The goal is to modify your seat so that it's as comfortable as possible for YOU. Keep in mind that our bodies are all different. Riding styles affect the way a seat is most effectively modified. Different bike models have varying ergonomics, and certain modifications (such as aftermarket handlebar risers and rearsets) also can affect seat comfort.

What makes a seat nice and comfortable for a 6-4, 215 lb person very well might not work for someone else on the exact same bike. Experiment with the suggestions on to find the modifications that work best for you.

Knowing how to do this for yourself not only can be personally satisfying, but can save you a bundle of money, as aftermarket seats cost $350 and up. If an aftermarket seat (e.g., Corbin or Sargent) works for you, and you don't mind spending that kind of money, they certainly can be nice looking, well made products. Like mass produced bikes, however, aftermarket seats have to be made for the "average" rider. Personally, I have not been willing to spend almost $400, assuming that I would most likely need to make further modifications (given my history with seats).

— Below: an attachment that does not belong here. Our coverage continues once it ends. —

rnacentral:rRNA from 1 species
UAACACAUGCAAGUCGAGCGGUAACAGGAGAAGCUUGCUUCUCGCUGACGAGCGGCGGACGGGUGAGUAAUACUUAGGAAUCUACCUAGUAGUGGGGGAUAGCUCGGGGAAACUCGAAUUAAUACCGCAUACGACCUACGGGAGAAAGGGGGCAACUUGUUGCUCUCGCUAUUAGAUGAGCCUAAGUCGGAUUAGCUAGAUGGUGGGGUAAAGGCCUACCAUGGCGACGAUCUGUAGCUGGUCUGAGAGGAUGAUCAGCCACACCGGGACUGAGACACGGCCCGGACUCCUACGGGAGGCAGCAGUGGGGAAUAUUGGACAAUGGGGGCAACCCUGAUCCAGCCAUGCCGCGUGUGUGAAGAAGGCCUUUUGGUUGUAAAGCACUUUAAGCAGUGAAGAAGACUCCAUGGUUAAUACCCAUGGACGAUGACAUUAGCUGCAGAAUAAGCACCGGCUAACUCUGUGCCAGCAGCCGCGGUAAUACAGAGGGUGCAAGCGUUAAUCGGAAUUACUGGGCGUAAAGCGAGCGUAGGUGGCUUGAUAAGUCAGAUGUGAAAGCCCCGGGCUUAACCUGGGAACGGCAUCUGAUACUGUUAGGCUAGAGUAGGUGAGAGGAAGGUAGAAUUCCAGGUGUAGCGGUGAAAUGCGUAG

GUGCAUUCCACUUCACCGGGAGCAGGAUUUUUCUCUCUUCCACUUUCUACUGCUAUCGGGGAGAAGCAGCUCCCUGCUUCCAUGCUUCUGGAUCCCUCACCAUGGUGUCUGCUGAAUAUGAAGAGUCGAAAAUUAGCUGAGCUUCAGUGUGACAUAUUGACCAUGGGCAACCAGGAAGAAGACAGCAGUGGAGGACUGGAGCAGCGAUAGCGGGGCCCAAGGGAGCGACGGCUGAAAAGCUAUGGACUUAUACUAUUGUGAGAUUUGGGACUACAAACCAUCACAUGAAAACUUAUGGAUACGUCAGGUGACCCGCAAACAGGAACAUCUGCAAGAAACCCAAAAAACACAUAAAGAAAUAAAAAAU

Instead, I wanted to understand the concepts presented here on; pay far less to customize my seat for my body type, riding style, bike setup; and know how to tweak it again and again if needed.

I realized that my modified seat may not look as slick as the more expensive, nicely upholstered aftermarket seats. This is how I thought through that issue:
  • My bike is to be ridden, not shown or stored. So anything that keeps me from riding more and longer is something that needs to be fixed.
  • When I'm riding my bike, nobody can see the seat anyway.
  • If I really want to have that customized, fancy look, I'll take the seat to an upholsterer, but only after I get it shaped and foamed just right.
  • When I have more money to burn, and I really want to try an aftermarket seat, maybe I'll give one a try... but as a matter of self-reliance, I still want to understand how to modify my own seat.

So let's get to the nuts and bolts. Check out: removing the cover to get at the guts, understanding how to shape a comfortable seat, removing and adding foam for shape and comfort, re-installing the seat cover, and other ideas. You can click on the links in the previous sentence or in the "Modify" section of the top menu to go to each of these topics.

Not to belabor the point, but... take your time, be patient, and assume that you'll probably have to take some test rides and tweak your work a few times to get it just right for you.